Polyurea FAQ's




Q? WHAT IS POLYUREA?
A. Polyurea is an organic polymer that is the reaction of isocyanate with an amine terminated polyether resin, forming a plastic-like or rubber-like compound that may be used in many of the same ways as older technologies – polyurethane, epoxy, vinyl ester, neoprene; to name a few.




Q? WHERE CAN POLYUREA BE USED?
A. As a general rule, ArmorThane Polyurea can be employed to contain any substance that may be directly discharged into conventional sanitary sewer systems. It may be easier to give examples of environments where Polyurea should not be used. As a general recommendation for constant exposure to direct chemical attack ArmorThane polyurea products may not be installed for attack by:
Halogenated Solvents:
1. Carbon tetrachloride
2. Chloroform
3. Methylene chloride
4. Tetrachloroethane
5. Trichlorethene
6. Trichloroethane
Non-Halogenated Solvents And Ketones:
1. Acetone
2. Acetonitrile
3. Acetophenone
4. Benzene
5. Butanol
6. Camphor oil
7. Cyclohexanone
8. Diethylether
9. Diisobutyl ketone
10. Ethyl acetate
11. Hexane
12. Methyl ethyl ketone
13. Methyl isobutyl ketone
14. Pentane
15. Phenol
16. Toluene
17. Xylene
Acidic compounds with a complete composite pH range equal to or below 4 Basic compounds with a whole composite pH range similar to or above 11 Note: Polyurea may contain Non-aqueous (anhydrous and anhydride compounds in granular, crystalline, or powder form) protected by an air drying system. Consult ArmorThane. Amine Attacking And Amine-Containing Compounds Strong, inorganic acids, organic acid halides, aldehydes, isocyanates, organic anhydrides. 1. Aminoethylethanolamine 2. Aniline 3. Ethylamine 4. Methylamine 5. Pyridine 6. Toluenediamine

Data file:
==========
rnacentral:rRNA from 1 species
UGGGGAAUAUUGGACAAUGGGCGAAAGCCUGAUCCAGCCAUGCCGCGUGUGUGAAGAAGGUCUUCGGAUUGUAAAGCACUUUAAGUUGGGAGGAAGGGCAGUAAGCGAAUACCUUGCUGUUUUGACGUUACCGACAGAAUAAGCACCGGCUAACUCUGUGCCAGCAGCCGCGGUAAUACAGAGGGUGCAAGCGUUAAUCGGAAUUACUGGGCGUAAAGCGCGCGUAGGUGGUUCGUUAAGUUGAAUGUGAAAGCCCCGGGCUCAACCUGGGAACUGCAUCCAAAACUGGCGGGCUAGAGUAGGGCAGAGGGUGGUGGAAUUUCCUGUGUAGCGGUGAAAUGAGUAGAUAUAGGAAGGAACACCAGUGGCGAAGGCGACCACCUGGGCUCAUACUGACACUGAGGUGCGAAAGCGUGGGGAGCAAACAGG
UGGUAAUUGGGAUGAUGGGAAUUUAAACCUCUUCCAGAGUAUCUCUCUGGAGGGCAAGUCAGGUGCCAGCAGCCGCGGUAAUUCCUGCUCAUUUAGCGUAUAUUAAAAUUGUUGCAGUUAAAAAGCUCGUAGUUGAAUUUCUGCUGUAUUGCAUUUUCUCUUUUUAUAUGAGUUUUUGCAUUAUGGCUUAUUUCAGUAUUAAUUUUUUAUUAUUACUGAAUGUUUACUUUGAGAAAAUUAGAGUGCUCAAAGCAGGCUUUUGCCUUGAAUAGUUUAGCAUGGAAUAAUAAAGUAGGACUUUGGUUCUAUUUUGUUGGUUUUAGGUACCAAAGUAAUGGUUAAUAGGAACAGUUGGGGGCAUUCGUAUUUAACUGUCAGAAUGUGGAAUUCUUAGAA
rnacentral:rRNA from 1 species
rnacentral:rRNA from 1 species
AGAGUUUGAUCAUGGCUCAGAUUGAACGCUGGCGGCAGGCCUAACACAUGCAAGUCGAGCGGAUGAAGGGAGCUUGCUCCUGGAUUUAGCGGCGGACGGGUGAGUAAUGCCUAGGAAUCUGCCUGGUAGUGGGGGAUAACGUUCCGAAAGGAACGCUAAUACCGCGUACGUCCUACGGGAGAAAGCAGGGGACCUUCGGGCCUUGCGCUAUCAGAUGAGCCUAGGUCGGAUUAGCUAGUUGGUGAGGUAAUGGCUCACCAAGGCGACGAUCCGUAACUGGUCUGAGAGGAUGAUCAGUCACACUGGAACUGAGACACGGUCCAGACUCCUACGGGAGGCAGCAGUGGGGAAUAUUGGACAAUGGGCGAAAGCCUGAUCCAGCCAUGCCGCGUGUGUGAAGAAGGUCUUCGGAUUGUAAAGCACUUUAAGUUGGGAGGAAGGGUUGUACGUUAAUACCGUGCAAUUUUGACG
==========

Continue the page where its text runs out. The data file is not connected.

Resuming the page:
Q? CAN ANYONE APPLY POLYUREA?
A. Polyurea requires specialized training and equipment for field application, whether used as joint filler or as a field applied coating. ArmorThane has an ongoing program of contractor training in place. There are qualified applicators in all regions of the U.S. and an expanding network of qualified
applicators throughout the world.




Q? WHAT TEMPERATURES WILL POLYUREA WITHSTAND?
A. ArmorThane polyureas begin to develop their physical properties within minutes of application. Among several very desirable features are their quick gel time and their glass transition temperatures that average -40 degrees F and +480 degrees F. Heat of deflection under no load is +250 degrees F. Safe
upper limit of working temperature is +350 degrees F, under no pressure. Polyurea will exhibit thermal shock debonding when subject to repeated periodic blasts of live steam. While Polyurea has high glass transition and heat of deflection temperatures, it will burn when exposed to direct flame. It will self extinguish when the fire is removed.

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